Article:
SMH: You’re always finding your voice—it’s ever changing and so hard to fully embody, but writing is really the best way to get in touch with what you need to say. I love a million writers, but Denis Johnson is dear to me, and Robert Stone, and Tobias Wolff. Don Delillo and Joan Didion. I read books every month that change my life for the better. There’s incredible stuff going on right now, works of literary art too few people treat themselves to. Akhil Sharma has a new novel out. He’s just another genius whose books belong on the shelves of households worldwide.

PB: You have taught writing classes at Columbia University. Are you still teaching? If so, what’s the most important lesson you can pass on to an emerging writer?

SMH: I love teaching. I’m doing a bit of it this summer. You know, for a writer, it’s just about getting to that stuff inside yourself that only you can offer up to the world. You start there and try to find a language for it, see what it looks like and sounds like and feels like. The lesson is that lying to yourself or being lazy makes for tainted words.

PB: You write a great deal about the sometimes-complex relationships you shared with your parents and sister Caitlin. Why was it important for you to keep your musical identity somewhat separate from your family? When did you know it was the right time to share these stories?

SMH: I wrote the book because I had to. Really, I started writing it one day and found that I couldn’t turn back. It just wasn’t an option. The book was trying to own me and I had to make it mine, and then I had to make peace with its ass.

PB: You endured a lot of personal tragedy at a relatively young age. Your vivid descriptions of substance abuse, alcohol addictions and a tough music industry sounded challenging. At the end of the day, how do you feel you got through all of this and what advice could you offer to a young person whose life feels out of control?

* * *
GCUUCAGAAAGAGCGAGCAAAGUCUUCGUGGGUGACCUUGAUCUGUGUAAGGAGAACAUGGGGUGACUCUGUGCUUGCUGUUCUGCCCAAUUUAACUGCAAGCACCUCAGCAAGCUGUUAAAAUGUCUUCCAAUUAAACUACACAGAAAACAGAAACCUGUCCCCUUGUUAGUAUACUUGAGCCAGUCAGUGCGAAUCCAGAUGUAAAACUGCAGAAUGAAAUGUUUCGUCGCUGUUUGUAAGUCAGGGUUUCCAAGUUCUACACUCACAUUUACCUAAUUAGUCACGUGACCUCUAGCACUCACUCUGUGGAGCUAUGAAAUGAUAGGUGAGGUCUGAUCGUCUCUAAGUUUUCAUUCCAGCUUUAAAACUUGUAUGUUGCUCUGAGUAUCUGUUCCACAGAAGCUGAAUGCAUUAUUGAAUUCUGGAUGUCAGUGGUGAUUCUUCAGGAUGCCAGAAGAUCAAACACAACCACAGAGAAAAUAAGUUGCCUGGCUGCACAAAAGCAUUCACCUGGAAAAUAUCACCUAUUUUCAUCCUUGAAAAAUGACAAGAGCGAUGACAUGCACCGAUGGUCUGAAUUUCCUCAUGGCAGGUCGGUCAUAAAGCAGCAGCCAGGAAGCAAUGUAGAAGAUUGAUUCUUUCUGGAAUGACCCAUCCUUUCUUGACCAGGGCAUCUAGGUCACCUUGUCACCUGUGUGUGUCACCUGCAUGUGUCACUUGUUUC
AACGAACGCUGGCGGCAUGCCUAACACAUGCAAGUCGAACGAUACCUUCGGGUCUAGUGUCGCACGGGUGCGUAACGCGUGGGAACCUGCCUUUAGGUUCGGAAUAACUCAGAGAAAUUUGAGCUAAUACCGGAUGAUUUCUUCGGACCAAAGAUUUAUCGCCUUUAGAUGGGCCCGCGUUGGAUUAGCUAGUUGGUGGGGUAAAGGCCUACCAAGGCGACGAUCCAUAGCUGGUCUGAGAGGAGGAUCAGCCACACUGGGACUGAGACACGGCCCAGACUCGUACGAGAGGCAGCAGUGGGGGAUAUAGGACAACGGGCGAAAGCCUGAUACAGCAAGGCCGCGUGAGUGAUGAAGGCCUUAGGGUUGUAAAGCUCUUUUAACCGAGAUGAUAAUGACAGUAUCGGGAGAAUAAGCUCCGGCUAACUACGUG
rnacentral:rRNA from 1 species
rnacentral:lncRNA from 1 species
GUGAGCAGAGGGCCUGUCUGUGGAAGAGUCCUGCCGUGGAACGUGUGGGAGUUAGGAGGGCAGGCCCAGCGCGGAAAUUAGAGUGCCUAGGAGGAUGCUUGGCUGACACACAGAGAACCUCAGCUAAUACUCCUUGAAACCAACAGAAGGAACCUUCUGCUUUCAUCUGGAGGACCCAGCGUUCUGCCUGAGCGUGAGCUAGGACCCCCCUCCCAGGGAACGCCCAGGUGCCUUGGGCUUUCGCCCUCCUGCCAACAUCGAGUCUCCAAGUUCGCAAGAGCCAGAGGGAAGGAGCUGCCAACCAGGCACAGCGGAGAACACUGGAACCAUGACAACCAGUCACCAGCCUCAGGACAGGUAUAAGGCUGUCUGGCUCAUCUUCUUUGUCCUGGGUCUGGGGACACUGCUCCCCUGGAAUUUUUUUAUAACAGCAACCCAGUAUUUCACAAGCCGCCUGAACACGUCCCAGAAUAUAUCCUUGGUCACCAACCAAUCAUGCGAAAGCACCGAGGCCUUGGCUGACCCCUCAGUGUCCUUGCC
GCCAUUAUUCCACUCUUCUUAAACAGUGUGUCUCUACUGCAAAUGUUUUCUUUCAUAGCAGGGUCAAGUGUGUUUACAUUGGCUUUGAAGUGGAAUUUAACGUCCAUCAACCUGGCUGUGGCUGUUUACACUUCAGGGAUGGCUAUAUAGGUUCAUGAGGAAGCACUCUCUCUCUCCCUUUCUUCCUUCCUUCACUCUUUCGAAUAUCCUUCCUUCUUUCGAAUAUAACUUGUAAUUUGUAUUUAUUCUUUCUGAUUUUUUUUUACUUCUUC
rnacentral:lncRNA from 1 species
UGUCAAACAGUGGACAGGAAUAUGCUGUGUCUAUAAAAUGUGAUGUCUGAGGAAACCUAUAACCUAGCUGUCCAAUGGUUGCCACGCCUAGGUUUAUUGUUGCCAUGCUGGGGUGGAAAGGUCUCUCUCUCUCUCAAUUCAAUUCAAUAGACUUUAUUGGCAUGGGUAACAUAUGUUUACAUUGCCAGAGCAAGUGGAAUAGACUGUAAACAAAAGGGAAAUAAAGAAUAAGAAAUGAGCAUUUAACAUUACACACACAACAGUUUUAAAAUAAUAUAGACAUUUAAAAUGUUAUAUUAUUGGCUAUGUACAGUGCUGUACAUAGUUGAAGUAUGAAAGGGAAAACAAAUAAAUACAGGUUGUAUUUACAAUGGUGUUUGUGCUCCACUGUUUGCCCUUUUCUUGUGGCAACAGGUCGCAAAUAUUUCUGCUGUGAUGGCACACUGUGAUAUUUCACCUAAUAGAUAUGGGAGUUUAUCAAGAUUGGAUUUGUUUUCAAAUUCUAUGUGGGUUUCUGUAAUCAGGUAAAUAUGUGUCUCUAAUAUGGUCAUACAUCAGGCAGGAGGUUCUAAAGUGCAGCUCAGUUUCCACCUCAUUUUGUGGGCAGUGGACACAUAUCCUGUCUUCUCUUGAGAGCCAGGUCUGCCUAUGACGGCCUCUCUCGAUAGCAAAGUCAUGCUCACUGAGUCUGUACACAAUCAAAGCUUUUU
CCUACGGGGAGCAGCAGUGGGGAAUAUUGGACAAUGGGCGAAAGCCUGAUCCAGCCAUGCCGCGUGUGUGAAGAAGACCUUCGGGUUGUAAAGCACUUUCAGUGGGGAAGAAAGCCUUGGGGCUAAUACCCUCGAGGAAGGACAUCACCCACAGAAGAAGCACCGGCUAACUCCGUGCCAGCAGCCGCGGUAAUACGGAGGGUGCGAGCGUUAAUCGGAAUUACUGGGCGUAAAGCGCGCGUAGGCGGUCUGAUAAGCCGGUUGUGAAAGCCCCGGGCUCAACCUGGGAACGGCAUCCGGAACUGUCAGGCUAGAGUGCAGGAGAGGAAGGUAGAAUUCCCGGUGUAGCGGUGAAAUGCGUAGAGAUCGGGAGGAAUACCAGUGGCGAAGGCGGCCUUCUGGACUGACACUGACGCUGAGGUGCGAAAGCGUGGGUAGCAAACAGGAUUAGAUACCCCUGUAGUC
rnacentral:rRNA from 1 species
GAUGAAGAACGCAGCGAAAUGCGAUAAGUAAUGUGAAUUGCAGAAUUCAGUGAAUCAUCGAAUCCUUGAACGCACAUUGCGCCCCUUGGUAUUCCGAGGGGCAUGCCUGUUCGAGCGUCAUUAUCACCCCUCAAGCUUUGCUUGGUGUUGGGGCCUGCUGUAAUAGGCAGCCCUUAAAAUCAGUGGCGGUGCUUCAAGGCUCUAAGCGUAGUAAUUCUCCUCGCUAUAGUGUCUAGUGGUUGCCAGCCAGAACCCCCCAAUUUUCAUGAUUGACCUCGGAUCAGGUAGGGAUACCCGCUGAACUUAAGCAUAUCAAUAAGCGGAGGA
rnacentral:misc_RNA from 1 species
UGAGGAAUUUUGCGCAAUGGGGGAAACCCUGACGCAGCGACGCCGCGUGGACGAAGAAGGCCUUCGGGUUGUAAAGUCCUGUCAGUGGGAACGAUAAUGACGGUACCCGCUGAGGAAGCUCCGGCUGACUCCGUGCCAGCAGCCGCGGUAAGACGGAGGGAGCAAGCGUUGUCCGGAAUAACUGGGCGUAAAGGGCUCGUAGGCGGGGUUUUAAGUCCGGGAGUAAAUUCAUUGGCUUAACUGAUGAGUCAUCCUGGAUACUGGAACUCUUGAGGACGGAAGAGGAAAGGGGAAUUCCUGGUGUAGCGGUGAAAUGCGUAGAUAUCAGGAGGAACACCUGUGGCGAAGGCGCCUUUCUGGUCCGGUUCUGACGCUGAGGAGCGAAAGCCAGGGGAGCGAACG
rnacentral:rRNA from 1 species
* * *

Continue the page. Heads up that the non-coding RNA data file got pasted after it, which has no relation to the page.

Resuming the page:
SMH: I have no shyness about saying that AA saved my life. I’d tried a lot of things, but if you’ve really hit your bottom, that’s a place you can go to learn what to do. You hear it from people who know, who’ve been there.

PB: Are you a disciplined writer with a set schedule or do you write randomly?

SMH: It feels more compulsive than disciplined. When I’m going strong, I write every night. Too late. I’m trying to flip that schedule, but I don’t know how all these people write in the mornings. I’ve always been better acquainted with nighttime.

PB: Now that you have finished your first book and received favourable reviews, what’s next?

SMH: I can’t see too far ahead—it’s real blurry up there, but there’s another book involved. A novel. It’s just about continuing to work, and wanting to feel justified in doing so.

PB: If you had to describe your current life philosophy in a few sentences, what would you say?

SMH: I’m trying to harmonise with what is, as it is, because I’m sure as hell not running the show. And thanks for this interview.

PB: Thank you, Sean.